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Caspar Castner

A missionary, b. at Munich, Bavaria, October 7, 1655; d. at Peking, China, November 9, 1709

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Castner (or KASTNER), CASPAR, a missionary, b. at Munich, Bavaria, October 7, 1655; d. at Peking, China, November 9, 1709. He entered the Society of Jesus, September 17, 1681, and studied theology at Ingolstadt where he finished his studies March 22, 1694. For a short time he taught logic in the gymnasium at Ratisbon; after this he devoted himself to the work of missions and sailed in 1696 for China at the head of a company of brother Jesuits from Portugal and Genoa. In China he labored with great success on the island of Shang-chuen (St. John) and in the city of Fatshan, then a competitor of Canton. In 1702 he went with Father Franciscus Noel to Lisbon and Rome in order, as representative of the Bishops of Nanking and Macao, to obtain some settlement of the question of Chinese Rites. In 1706 he returned to China, taking with him a number of missionaries.

Besides the merit of his apostolic labors, Father Castner deserves much praise for his work in the sciences of navigation, astronomy, and cartography. He called the attention of the Portuguese Government to the fact that the voyage to Macao would be much shorter if the vessels followed a direct course from the Cape of Good Hope by way of the Sunda Islands, avoiding Mozambique and Goa, and the result showed that he was right. He did excellent work in the mapping of the Chinese Empire and had so great a reputation as a mathematician that he was made president of the mathematical tribunal and instructor of the heir to the throne. Besides a number of elaborate reports on the question of Chinese Rites which he drew up with the aid of Father Noel, Father Castner also wrote an interesting but rare little work called “Relatio Sepulturte Magno Orientis Apostolo S. Francisco Xaverio erectae in Insula Sanciano MDCC”. It is an exact description of the island where from March 19 to June 2, 1700, he had been engaged in erecting, at the command of his superiors, a memorial over the grave of St. Francis Xavier. The book was accompanied by a good map. One of the few copies printed in China is in the so-called “Orban’sche Sammlung” of the library of the University of Munich. A translation was published by Father Joseph Stocklein in his “Welt-Butt” (Augsburg, 1729), No. 309. The title-page and map are reproduced in the work of Henri Cordier, “L’imprimerie sino-europeenne en Chine” (Paris, 1901), 11-15.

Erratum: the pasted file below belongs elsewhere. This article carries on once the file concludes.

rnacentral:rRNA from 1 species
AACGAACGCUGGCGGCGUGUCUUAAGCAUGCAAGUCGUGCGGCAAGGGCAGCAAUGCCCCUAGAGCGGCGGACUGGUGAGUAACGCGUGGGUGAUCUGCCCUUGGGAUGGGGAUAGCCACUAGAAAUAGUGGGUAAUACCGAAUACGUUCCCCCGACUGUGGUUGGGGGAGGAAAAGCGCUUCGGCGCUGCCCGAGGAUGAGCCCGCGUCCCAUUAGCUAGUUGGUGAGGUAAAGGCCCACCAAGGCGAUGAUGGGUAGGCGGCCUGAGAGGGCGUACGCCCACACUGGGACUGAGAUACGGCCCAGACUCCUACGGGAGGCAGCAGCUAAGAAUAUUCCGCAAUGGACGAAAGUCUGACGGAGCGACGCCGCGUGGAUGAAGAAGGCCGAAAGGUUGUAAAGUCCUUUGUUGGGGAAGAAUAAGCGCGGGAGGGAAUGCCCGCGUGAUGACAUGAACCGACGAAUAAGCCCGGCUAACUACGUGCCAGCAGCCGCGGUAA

OTTO HARTIG


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